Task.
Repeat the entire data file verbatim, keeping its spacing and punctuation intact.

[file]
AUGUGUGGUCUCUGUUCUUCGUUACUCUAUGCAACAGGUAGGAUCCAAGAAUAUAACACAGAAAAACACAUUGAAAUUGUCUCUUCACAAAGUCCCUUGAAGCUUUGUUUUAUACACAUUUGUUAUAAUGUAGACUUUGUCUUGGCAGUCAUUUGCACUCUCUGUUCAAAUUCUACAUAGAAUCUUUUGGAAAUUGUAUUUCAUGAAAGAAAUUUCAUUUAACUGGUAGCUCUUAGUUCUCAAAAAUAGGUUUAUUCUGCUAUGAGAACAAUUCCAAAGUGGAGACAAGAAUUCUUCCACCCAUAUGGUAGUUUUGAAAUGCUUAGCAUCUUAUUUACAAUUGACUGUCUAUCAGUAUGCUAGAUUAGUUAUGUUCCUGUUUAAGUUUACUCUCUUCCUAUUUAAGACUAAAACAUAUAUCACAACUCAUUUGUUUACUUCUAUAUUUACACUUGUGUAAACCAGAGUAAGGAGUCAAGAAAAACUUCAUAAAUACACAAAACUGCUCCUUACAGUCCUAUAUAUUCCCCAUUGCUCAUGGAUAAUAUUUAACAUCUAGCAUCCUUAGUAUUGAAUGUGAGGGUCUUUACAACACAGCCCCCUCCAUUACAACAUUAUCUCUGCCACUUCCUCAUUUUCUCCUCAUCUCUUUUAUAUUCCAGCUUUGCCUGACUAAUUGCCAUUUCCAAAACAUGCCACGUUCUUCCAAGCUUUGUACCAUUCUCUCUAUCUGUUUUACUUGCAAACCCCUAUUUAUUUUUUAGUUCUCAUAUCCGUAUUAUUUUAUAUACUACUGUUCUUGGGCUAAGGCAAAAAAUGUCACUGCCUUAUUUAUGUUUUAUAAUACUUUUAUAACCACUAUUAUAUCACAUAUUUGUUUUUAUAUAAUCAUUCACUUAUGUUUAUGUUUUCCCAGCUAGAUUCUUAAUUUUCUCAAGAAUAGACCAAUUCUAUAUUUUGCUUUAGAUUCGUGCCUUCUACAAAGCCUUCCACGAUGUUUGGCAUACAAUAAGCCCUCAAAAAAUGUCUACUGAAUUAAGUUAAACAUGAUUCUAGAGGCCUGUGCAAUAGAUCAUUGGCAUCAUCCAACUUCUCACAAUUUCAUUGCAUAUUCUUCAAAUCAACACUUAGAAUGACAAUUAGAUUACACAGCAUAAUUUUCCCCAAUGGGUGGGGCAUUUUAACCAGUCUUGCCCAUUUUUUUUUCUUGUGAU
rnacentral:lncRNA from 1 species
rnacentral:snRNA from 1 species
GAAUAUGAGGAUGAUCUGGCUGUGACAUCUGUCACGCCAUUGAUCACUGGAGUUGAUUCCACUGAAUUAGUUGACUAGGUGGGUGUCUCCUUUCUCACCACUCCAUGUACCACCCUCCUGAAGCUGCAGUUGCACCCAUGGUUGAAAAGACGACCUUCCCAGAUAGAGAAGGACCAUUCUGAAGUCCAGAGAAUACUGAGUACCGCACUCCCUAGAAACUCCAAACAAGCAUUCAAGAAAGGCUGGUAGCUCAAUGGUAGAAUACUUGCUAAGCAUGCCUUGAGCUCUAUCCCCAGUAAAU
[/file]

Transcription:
AUGUGUGGUCUCUGUUCUUCGUUACUCUAUGCAACAGGUAGGAUCCAAGAAUAUAACACAGAAAAACACAUUGAAAUUGUCUCUUCACAAAGUCCCUUGAAGCUUUGUUUUAUACACAUUUGUUAUAAUGUAGACUUUGUCUUGGCAGUCAUUUGCACUCUCUGUUCAAAUUCUACAUAGAAUCUUUUGGAAAUUGUAUUUCAUGAAAGAAAUUUCAUUUAACUGGUAGCUCUUAGUUCUCAAAAAUAGGUUUAUUCUGCUAUGAGAACAAUUCCAAAGUGGAGACAAGAAUUCUUCCACCCAUAUGGUAGUUUUGAAAUGCUUAGCAUCUUAUUUACAAUUGACUGUCUAUCAGUAUGCUAGAUUAGUUAUGUUCCUGUUUAAGUUUACUCUCUUCCUAUUUAAGACUAAAACAUAUAUCACAACUCAUUUGUUUACUUCUAUAUUUACACUUGUGUAAACCAGAGUAAGGAGUCAAGAAAAACUUCAUAAAUACACAAAACUGCUCCUUACAGUCCUAUAUAUUCCCCAUUGCUCAUGGAUAAUAUUUAACAUCUAGCAUCCUUAGUAUUGAAUGUGAGGGUCUUUACAACACAGCCCCCUCCAUUACAACAUUAUCUCUGCCACUUCCUCAUUUUCUCCUCAUCUCUUUUAUAUUCCAGCUUUGCCUGACUAAUUGCCAUUUCCAAAACAUGCCACGUUCUUCCAAGCUUUGUACCAUUCUCUCUAUCUGUUUUACUUGCAAACCCCUAUUUAUUUUUUAGUUCUCAUAUCCGUAUUAUUUUAUAUACUACUGUUCUUGGGCUAAGGCAAAAAAUGUCACUGCCUUAUUUAUGUUUUAUAAUACUUUUAUAACCACUAUUAUAUCACAUAUUUGUUUUUAUAUAAUCAUUCACUUAUGUUUAUGUUUUCCCAGCUAGAUUCUUAAUUUUCUCAAGAAUAGACCAAUUCUAUAUUUUGCUUUAGAUUCGUGCCUUCUACAAAGCCUUCCACGAUGUUUGGCAUACAAUAAGCCCUCAAAAAAUGUCUACUGAAUUAAGUUAAACAUGAUUCUAGAGGCCUGUGCAAUAGAUCAUUGGCAUCAUCCAACUUCUCACAAUUUCAUUGCAUAUUCUUCAAAUCAACACUUAGAAUGACAAUUAGAUUACACAGCAUAAUUUUCCCCAAUGGGUGGGGCAUUUUAACCAGUCUUGCCCAUUUUUUUUUCUUGUGAU
rnacentral:lncRNA from 1 species
rnacentral:snRNA from 1 species
GAAUAUGAGGAUGAUCUGGCUGUGACAUCUGUCACGCCAUUGAUCACUGGAGUUGAUUCCACUGAAUUAGUUGACUAGGUGGGUGUCUCCUUUCUCACCACUCCAUGUACCACCCUCCUGAAGCUGCAGUUGCACCCAUGGUUGAAAAGACGACCUUCCCAGAUAGAGAAGGACCAUUCUGAAGUCCAGAGAAUACUGAGUACCGCACUCCCUAGAAACUCCAAACAAGCAUUCAAGAAAGGCUGGUAGCUCAAUGGUAGAAUACUUGCUAAGCAUGCCUUGAGCUCUAUCCCCAGUAAAU